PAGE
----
Thematic analysis was carried out by FB and DK in order to identify codes from the data [36]. Constant inter-judge comparisons and collective discussion on meaning and coding ensured that categories were consistent. To check coding reliability, the interview and focus-groups transcriptions were cross-checked. Encoding disagreements were resolved with reference to the raw data. On this basis, descriptive accounts were written and discussed by all the research team. Findings from interviews and focus groups were compared in order to check the consistency of the resulting categorisation and to increase methodological reliability [37].


Sample characteristics

We carried out 22 semi-structured interviews with patients who had agreed (n = 16) or refused (n = 6) to participate in the BIL and two focus groups with two different groups of biobank recruiters (n = 13). Patients’ characteristics are depicted in Table 2. The first focus group was composed of eight recruiters, the second focus group consisted of six recruiters. Given the small size of the groups, recruiters’ characteristics are not disclosed in this paper in order to protect their identity and the confidentiality of their remarks.

Table 2 Interviewee characteristics.

Our findings elucidate the perceptions of a sample of patients and recruiters about the practice of broad consent to participate in a hospital-based biobank for prospective research on genomic and health data. The results of the analysis of the interviews with patients and of the focus groups with recruiters provided us with two different sets of data, each representing two sets of perceptions of the broad consent process implemented in the BIL biobank. Comparison of these data provided a fairly comprehensive picture of the motivational, relational, and contextual factors affecting the decision-making process about broad consent (see Box 2 for definitions). Below, we use exemplary quotations from the interviews and focus groups to illustrate our arguments.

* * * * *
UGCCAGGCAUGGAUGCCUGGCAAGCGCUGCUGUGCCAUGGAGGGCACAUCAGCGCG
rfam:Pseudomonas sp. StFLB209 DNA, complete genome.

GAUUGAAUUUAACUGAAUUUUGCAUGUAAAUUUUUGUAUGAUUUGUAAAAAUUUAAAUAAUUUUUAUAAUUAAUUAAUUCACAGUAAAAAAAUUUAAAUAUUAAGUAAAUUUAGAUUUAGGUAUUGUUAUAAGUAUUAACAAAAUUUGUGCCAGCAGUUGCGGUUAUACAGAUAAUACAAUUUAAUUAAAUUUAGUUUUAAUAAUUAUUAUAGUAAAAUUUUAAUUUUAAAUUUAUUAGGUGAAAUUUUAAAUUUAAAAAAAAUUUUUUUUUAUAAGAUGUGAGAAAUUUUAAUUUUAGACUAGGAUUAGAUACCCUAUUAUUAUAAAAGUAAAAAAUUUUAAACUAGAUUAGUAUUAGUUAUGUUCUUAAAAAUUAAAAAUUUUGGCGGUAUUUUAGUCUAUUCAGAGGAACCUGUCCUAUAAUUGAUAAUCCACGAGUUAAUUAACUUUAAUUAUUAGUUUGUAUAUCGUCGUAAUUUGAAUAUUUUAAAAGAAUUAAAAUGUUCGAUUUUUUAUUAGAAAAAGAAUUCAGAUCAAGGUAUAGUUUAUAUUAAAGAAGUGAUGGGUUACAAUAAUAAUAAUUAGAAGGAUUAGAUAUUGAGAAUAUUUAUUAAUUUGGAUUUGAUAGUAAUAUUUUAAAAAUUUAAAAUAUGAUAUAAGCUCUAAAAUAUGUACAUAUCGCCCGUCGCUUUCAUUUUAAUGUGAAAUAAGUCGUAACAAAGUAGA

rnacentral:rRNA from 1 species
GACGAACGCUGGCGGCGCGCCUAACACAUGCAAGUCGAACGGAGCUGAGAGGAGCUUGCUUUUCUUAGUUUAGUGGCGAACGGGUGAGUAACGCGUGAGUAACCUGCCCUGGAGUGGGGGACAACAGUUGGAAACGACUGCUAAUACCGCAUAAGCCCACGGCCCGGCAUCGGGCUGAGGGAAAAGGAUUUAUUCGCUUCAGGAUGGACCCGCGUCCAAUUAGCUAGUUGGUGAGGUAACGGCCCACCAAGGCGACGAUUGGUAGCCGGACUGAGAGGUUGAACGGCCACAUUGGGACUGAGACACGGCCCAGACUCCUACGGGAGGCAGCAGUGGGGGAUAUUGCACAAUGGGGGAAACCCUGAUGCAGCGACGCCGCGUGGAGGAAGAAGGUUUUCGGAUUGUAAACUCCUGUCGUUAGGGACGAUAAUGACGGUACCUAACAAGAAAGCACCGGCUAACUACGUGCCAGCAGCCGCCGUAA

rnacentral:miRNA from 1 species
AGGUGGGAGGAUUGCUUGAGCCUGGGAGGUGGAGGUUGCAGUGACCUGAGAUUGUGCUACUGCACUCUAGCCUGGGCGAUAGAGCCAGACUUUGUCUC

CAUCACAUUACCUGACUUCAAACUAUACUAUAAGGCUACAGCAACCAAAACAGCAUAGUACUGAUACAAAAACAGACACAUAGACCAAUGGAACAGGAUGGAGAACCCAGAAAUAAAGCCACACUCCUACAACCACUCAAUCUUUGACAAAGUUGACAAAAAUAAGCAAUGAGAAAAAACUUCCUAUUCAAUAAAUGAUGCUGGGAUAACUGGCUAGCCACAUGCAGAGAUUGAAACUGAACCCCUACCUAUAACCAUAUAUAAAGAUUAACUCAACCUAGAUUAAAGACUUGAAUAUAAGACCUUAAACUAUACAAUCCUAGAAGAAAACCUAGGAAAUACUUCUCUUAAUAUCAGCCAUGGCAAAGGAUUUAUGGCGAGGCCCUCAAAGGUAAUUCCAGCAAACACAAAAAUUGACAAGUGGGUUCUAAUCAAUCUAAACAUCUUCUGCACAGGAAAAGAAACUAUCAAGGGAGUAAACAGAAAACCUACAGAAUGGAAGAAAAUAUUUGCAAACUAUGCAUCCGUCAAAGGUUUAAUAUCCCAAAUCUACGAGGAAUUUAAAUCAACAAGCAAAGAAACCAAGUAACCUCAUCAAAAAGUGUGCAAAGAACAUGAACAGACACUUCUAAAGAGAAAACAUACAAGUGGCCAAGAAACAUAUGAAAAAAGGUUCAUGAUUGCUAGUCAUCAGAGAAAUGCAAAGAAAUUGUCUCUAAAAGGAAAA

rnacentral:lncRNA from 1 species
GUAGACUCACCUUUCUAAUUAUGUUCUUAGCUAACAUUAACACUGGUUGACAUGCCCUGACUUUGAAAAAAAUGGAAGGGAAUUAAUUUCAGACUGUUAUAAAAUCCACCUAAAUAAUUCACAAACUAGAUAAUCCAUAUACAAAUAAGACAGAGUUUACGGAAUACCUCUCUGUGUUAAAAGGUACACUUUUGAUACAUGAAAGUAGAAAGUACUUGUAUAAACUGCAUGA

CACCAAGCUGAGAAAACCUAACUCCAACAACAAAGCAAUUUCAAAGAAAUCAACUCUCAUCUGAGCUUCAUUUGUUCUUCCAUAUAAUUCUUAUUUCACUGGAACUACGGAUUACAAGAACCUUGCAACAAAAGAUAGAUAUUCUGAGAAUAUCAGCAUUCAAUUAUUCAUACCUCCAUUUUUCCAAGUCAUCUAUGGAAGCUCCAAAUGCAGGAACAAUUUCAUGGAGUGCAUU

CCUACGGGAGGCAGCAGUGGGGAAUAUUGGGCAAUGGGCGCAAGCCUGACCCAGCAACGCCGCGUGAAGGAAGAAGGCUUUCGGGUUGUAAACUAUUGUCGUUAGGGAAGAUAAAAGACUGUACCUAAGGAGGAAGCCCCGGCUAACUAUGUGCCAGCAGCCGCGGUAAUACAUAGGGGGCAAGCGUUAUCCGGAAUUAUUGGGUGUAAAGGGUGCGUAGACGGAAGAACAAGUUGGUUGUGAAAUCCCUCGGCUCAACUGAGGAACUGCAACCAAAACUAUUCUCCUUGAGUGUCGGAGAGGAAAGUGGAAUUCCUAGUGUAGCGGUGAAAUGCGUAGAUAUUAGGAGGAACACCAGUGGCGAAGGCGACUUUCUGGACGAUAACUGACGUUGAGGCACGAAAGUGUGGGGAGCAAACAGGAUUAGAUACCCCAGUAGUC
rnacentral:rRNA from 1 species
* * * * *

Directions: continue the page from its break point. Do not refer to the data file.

Broad consent in a hospital setting

Results from the interviews and focus groups show that seeking broad consent in a hospital setting has a direct influence on recruiters’ behaviour and the organisation of their work, patients’ understanding of broad consent and patient–recruiter interaction.

Biobank recruiters talked about their concerns around patient recruitment in a hospital setting. The first concern is linked to assessing the patient’s capacity to give consent. Some patients, for example, may be disoriented due to a psychological or health condition or their advanced age. The recruiters reported that caregivers are not always cooperative in reporting the patient’s actual capacity. The second concern relates to the timing of consent and the length of the meeting. Most patients are enthusiastic about the opportunity to talk with the recruiters as a way to escape from the tediousness of their hospital stay. However, since the recruiters visit the patients in their hospital rooms, caregivers performing routine daily care may interrupt the meeting. Also, the patients normally share their rooms with other people, which may compromise the patient’s propensity to discuss personal topics.

These difficulties may result in a stressful working environment for biobank recruiters, and more importantly, may affect patients’ understanding. Results from patient interviews show that some patients who agreed to participate in the BIL did not recall that broad consent also allows the hospital to collect data in forthcoming hospital stays without updating their consent. For other people, it is not clear that if they sign and accept the broad consent, researchers will be able to access their personal medical data. The possibility of a return of clinically actionable individual research results and the implications for the patient and his/her family also do not seem to be fully understood.

Motivations to participate in biobanking